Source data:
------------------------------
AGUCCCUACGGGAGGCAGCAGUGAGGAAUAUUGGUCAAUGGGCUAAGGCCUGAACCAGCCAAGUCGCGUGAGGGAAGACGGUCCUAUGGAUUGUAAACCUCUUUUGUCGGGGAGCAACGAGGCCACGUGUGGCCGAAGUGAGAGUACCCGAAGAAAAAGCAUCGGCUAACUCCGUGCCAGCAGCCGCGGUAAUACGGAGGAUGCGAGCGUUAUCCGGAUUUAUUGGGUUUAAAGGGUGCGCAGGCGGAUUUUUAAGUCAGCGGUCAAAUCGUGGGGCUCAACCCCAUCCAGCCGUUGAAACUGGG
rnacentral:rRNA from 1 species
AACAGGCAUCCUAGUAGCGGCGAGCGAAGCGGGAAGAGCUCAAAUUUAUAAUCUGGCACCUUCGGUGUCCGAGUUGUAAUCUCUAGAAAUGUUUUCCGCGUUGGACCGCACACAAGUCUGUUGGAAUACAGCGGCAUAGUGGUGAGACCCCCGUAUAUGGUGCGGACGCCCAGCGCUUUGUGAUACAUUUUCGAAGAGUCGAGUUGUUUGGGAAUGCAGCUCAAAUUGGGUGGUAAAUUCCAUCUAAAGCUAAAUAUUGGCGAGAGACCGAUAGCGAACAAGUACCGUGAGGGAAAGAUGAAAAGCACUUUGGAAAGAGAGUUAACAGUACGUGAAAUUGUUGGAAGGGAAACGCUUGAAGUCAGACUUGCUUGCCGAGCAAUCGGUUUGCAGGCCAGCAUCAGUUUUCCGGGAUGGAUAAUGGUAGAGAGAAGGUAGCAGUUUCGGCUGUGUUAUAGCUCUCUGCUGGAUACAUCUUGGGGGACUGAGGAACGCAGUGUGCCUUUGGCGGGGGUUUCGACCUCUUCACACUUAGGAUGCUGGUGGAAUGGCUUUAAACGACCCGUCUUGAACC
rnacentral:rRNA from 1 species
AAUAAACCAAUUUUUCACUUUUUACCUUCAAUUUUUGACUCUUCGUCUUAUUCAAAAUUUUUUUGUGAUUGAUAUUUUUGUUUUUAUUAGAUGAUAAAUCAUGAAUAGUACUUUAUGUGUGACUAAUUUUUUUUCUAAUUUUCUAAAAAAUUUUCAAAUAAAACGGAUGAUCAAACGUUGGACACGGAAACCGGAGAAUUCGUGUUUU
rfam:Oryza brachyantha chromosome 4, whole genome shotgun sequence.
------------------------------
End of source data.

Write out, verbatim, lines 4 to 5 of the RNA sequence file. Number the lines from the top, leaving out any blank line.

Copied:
rnacentral:rRNA from 1 species
AAUAAACCAAUUUUUCACUUUUUACCUUCAAUUUUUGACUCUUCGUCUUAUUCAAAAUUUUUUUGUGAUUGAUAUUUUUGUUUUUAUUAGAUGAUAAAUCAUGAAUAGUACUUUAUGUGUGACUAAUUUUUUUUCUAAUUUUCUAAAAAAUUUUCAAAUAAAACGGAUGAUCAAACGUUGGACACGGAAACCGGAGAAUUCGUGUUUU